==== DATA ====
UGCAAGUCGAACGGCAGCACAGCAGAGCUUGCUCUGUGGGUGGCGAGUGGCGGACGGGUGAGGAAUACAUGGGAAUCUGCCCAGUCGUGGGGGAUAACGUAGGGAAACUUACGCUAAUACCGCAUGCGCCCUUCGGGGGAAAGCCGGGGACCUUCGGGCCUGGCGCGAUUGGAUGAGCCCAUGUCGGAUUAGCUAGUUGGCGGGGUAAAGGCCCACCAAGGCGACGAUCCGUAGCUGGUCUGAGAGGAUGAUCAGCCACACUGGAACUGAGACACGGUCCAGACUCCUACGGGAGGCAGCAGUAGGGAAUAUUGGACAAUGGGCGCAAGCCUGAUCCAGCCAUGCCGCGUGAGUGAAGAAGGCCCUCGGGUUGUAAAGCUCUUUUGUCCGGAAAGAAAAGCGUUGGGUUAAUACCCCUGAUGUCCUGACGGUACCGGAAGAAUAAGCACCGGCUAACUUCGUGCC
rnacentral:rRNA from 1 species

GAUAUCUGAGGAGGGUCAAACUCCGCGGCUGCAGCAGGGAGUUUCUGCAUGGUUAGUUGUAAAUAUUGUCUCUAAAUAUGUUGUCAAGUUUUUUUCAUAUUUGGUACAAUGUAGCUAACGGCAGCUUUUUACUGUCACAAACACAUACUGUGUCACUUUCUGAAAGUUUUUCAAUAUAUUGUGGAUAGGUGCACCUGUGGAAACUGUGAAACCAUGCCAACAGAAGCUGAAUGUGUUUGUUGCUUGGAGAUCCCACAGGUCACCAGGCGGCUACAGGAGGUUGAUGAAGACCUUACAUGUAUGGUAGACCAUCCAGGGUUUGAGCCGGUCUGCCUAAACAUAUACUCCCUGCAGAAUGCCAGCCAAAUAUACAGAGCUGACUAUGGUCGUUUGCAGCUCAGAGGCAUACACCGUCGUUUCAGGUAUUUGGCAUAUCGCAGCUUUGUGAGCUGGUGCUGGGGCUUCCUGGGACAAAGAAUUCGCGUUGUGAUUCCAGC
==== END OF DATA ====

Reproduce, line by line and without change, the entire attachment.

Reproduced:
UGCAAGUCGAACGGCAGCACAGCAGAGCUUGCUCUGUGGGUGGCGAGUGGCGGACGGGUGAGGAAUACAUGGGAAUCUGCCCAGUCGUGGGGGAUAACGUAGGGAAACUUACGCUAAUACCGCAUGCGCCCUUCGGGGGAAAGCCGGGGACCUUCGGGCCUGGCGCGAUUGGAUGAGCCCAUGUCGGAUUAGCUAGUUGGCGGGGUAAAGGCCCACCAAGGCGACGAUCCGUAGCUGGUCUGAGAGGAUGAUCAGCCACACUGGAACUGAGACACGGUCCAGACUCCUACGGGAGGCAGCAGUAGGGAAUAUUGGACAAUGGGCGCAAGCCUGAUCCAGCCAUGCCGCGUGAGUGAAGAAGGCCCUCGGGUUGUAAAGCUCUUUUGUCCGGAAAGAAAAGCGUUGGGUUAAUACCCCUGAUGUCCUGACGGUACCGGAAGAAUAAGCACCGGCUAACUUCGUGCC
rnacentral:rRNA from 1 species

GAUAUCUGAGGAGGGUCAAACUCCGCGGCUGCAGCAGGGAGUUUCUGCAUGGUUAGUUGUAAAUAUUGUCUCUAAAUAUGUUGUCAAGUUUUUUUCAUAUUUGGUACAAUGUAGCUAACGGCAGCUUUUUACUGUCACAAACACAUACUGUGUCACUUUCUGAAAGUUUUUCAAUAUAUUGUGGAUAGGUGCACCUGUGGAAACUGUGAAACCAUGCCAACAGAAGCUGAAUGUGUUUGUUGCUUGGAGAUCCCACAGGUCACCAGGCGGCUACAGGAGGUUGAUGAAGACCUUACAUGUAUGGUAGACCAUCCAGGGUUUGAGCCGGUCUGCCUAAACAUAUACUCCCUGCAGAAUGCCAGCCAAAUAUACAGAGCUGACUAUGGUCGUUUGCAGCUCAGAGGCAUACACCGUCGUUUCAGGUAUUUGGCAUAUCGCAGCUUUGUGAGCUGGUGCUGGGGCUUCCUGGGACAAAGAAUUCGCGUUGUGAUUCCAGC